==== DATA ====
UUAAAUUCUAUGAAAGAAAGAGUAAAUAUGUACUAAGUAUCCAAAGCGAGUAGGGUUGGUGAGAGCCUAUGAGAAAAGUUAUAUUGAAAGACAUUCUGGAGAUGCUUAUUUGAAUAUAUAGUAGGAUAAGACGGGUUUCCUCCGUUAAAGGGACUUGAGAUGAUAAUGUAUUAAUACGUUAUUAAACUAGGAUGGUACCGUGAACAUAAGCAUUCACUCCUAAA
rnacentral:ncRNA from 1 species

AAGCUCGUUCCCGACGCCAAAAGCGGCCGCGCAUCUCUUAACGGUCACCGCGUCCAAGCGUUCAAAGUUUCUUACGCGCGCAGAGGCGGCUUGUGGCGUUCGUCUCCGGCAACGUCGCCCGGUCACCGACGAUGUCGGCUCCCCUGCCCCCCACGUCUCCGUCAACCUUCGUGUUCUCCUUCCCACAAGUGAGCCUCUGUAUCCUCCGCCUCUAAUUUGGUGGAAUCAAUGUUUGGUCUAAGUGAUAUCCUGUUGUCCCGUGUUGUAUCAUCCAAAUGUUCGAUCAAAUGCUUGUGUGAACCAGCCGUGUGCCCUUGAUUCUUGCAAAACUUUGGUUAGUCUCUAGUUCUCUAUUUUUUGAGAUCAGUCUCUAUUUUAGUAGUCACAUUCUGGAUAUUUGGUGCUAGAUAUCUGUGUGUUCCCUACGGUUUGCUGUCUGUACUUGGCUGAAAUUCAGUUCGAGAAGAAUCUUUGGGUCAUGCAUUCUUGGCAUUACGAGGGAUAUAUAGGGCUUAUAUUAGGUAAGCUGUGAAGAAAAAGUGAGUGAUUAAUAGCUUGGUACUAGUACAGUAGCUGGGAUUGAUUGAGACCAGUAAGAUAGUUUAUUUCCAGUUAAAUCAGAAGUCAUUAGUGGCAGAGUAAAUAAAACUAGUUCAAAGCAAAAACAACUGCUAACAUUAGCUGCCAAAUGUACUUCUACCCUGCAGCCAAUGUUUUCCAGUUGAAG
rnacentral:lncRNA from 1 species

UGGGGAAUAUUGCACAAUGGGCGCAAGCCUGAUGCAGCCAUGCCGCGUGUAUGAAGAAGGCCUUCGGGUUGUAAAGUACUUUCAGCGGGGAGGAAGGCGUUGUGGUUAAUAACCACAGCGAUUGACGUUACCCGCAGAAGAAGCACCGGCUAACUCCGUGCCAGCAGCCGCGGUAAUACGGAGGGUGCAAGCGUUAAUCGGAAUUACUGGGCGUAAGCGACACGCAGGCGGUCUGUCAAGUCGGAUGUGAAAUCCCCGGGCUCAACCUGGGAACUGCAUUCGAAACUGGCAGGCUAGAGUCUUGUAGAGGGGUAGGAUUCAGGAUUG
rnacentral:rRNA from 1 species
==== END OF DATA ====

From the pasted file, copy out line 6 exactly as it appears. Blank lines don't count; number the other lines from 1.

rnacentral:rRNA from 1 species